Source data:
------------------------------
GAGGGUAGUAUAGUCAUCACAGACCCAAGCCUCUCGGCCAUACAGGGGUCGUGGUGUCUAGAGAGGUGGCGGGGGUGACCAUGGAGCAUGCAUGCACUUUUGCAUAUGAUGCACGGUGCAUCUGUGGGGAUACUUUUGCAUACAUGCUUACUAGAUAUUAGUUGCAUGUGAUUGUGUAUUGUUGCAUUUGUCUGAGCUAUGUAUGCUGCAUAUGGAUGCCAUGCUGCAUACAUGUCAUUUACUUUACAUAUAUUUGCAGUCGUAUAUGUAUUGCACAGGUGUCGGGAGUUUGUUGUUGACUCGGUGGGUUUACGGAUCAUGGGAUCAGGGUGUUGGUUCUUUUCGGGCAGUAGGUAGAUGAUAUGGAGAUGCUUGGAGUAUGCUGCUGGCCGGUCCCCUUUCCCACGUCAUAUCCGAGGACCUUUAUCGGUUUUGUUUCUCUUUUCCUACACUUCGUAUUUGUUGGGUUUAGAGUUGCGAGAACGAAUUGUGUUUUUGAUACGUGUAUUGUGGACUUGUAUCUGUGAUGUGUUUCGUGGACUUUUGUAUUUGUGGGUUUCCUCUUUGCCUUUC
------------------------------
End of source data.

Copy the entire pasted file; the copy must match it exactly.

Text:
GAGGGUAGUAUAGUCAUCACAGACCCAAGCCUCUCGGCCAUACAGGGGUCGUGGUGUCUAGAGAGGUGGCGGGGGUGACCAUGGAGCAUGCAUGCACUUUUGCAUAUGAUGCACGGUGCAUCUGUGGGGAUACUUUUGCAUACAUGCUUACUAGAUAUUAGUUGCAUGUGAUUGUGUAUUGUUGCAUUUGUCUGAGCUAUGUAUGCUGCAUAUGGAUGCCAUGCUGCAUACAUGUCAUUUACUUUACAUAUAUUUGCAGUCGUAUAUGUAUUGCACAGGUGUCGGGAGUUUGUUGUUGACUCGGUGGGUUUACGGAUCAUGGGAUCAGGGUGUUGGUUCUUUUCGGGCAGUAGGUAGAUGAUAUGGAGAUGCUUGGAGUAUGCUGCUGGCCGGUCCCCUUUCCCACGUCAUAUCCGAGGACCUUUAUCGGUUUUGUUUCUCUUUUCCUACACUUCGUAUUUGUUGGGUUUAGAGUUGCGAGAACGAAUUGUGUUUUUGAUACGUGUAUUGUGGACUUGUAUCUGUGAUGUGUUUCGUGGACUUUUGUAUUUGUGGGUUUCCUCUUUGCCUUUC